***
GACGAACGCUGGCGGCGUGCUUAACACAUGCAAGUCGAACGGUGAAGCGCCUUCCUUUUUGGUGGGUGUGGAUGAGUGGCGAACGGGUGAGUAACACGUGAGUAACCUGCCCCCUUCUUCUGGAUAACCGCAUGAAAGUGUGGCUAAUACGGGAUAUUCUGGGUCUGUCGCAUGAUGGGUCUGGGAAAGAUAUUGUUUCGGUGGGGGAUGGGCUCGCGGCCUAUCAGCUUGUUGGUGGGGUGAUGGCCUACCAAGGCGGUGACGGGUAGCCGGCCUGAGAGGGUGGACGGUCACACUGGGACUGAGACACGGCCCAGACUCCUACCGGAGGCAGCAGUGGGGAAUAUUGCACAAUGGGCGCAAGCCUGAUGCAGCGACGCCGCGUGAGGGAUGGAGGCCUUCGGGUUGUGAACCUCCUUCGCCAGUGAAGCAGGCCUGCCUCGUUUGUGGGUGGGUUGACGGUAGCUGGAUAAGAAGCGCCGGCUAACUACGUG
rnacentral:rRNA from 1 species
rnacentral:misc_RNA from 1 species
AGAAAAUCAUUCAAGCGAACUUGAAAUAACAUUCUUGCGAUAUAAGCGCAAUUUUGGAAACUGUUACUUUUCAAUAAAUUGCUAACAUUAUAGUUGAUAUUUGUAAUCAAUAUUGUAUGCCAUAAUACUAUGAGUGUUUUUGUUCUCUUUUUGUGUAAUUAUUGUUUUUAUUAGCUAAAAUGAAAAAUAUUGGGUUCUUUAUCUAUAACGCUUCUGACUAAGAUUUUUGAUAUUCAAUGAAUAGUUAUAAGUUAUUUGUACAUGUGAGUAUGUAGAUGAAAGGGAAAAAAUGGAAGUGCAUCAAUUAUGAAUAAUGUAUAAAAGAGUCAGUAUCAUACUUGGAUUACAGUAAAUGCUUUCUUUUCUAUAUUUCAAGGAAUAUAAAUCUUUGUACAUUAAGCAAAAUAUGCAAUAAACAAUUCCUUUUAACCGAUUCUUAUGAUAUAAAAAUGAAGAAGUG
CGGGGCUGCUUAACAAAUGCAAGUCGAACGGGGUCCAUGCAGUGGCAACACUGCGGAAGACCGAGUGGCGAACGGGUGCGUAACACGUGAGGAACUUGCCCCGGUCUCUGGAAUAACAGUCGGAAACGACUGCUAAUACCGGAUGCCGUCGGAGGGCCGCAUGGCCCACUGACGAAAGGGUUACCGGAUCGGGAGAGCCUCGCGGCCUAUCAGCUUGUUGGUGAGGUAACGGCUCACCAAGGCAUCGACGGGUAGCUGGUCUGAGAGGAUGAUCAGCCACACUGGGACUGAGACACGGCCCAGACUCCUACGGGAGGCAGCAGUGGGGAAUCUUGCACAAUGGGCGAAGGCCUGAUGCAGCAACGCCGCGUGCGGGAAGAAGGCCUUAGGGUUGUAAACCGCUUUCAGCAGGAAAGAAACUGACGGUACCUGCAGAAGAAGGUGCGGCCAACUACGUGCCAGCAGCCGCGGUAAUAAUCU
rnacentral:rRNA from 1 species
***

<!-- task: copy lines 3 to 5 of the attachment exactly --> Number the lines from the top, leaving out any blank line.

rnacentral:misc_RNA from 1 species
AGAAAAUCAUUCAAGCGAACUUGAAAUAACAUUCUUGCGAUAUAAGCGCAAUUUUGGAAACUGUUACUUUUCAAUAAAUUGCUAACAUUAUAGUUGAUAUUUGUAAUCAAUAUUGUAUGCCAUAAUACUAUGAGUGUUUUUGUUCUCUUUUUGUGUAAUUAUUGUUUUUAUUAGCUAAAAUGAAAAAUAUUGGGUUCUUUAUCUAUAACGCUUCUGACUAAGAUUUUUGAUAUUCAAUGAAUAGUUAUAAGUUAUUUGUACAUGUGAGUAUGUAGAUGAAAGGGAAAAAAUGGAAGUGCAUCAAUUAUGAAUAAUGUAUAAAAGAGUCAGUAUCAUACUUGGAUUACAGUAAAUGCUUUCUUUUCUAUAUUUCAAGGAAUAUAAAUCUUUGUACAUUAAGCAAAAUAUGCAAUAAACAAUUCCUUUUAACCGAUUCUUAUGAUAUAAAAAUGAAGAAGUG
CGGGGCUGCUUAACAAAUGCAAGUCGAACGGGGUCCAUGCAGUGGCAACACUGCGGAAGACCGAGUGGCGAACGGGUGCGUAACACGUGAGGAACUUGCCCCGGUCUCUGGAAUAACAGUCGGAAACGACUGCUAAUACCGGAUGCCGUCGGAGGGCCGCAUGGCCCACUGACGAAAGGGUUACCGGAUCGGGAGAGCCUCGCGGCCUAUCAGCUUGUUGGUGAGGUAACGGCUCACCAAGGCAUCGACGGGUAGCUGGUCUGAGAGGAUGAUCAGCCACACUGGGACUGAGACACGGCCCAGACUCCUACGGGAGGCAGCAGUGGGGAAUCUUGCACAAUGGGCGAAGGCCUGAUGCAGCAACGCCGCGUGCGGGAAGAAGGCCUUAGGGUUGUAAACCGCUUUCAGCAGGAAAGAAACUGACGGUACCUGCAGAAGAAGGUGCGGCCAACUACGUGCCAGCAGCCGCGGUAAUAAUCU